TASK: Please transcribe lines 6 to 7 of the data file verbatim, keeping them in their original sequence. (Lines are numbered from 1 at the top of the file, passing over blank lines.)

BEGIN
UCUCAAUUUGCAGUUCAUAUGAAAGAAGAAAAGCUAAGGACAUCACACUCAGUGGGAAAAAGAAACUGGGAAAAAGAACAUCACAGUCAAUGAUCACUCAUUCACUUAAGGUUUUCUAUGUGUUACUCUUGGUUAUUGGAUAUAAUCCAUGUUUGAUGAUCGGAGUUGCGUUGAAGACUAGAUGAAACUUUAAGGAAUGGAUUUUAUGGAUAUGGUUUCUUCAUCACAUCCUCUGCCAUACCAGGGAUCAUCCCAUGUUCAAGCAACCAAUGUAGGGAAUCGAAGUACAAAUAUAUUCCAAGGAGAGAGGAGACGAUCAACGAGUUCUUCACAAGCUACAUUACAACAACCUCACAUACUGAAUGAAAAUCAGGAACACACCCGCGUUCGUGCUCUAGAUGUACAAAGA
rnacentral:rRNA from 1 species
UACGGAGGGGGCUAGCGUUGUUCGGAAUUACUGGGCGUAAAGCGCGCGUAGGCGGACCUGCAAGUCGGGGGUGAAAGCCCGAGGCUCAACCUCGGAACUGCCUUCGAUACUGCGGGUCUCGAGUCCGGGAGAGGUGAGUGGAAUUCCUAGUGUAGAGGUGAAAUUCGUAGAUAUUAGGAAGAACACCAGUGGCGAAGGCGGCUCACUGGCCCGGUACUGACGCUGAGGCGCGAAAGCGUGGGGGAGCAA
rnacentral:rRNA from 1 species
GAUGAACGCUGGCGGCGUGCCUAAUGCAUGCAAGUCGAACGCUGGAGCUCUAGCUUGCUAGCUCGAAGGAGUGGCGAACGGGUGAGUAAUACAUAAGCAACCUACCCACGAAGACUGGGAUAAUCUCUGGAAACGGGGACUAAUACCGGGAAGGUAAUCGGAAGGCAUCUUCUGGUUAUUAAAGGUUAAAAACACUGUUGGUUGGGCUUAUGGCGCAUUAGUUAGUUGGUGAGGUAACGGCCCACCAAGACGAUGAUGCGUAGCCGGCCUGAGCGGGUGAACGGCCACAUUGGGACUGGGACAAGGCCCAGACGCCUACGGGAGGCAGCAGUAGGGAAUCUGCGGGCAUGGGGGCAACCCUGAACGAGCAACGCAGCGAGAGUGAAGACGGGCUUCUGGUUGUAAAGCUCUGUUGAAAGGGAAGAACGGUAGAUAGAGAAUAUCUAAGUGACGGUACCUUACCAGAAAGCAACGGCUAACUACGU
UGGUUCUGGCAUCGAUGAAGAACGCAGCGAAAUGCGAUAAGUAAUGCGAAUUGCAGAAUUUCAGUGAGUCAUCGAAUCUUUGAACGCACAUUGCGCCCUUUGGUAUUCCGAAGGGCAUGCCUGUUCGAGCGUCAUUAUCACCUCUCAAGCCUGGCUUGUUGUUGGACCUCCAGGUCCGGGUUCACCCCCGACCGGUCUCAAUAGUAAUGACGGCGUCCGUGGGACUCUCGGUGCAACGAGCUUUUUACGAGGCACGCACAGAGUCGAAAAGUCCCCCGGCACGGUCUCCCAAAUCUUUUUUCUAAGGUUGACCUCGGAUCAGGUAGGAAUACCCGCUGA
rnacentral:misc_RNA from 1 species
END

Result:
UGGUUCUGGCAUCGAUGAAGAACGCAGCGAAAUGCGAUAAGUAAUGCGAAUUGCAGAAUUUCAGUGAGUCAUCGAAUCUUUGAACGCACAUUGCGCCCUUUGGUAUUCCGAAGGGCAUGCCUGUUCGAGCGUCAUUAUCACCUCUCAAGCCUGGCUUGUUGUUGGACCUCCAGGUCCGGGUUCACCCCCGACCGGUCUCAAUAGUAAUGACGGCGUCCGUGGGACUCUCGGUGCAACGAGCUUUUUACGAGGCACGCACAGAGUCGAAAAGUCCCCCGGCACGGUCUCCCAAAUCUUUUUUCUAAGGUUGACCUCGGAUCAGGUAGGAAUACCCGCUGA
rnacentral:misc_RNA from 1 species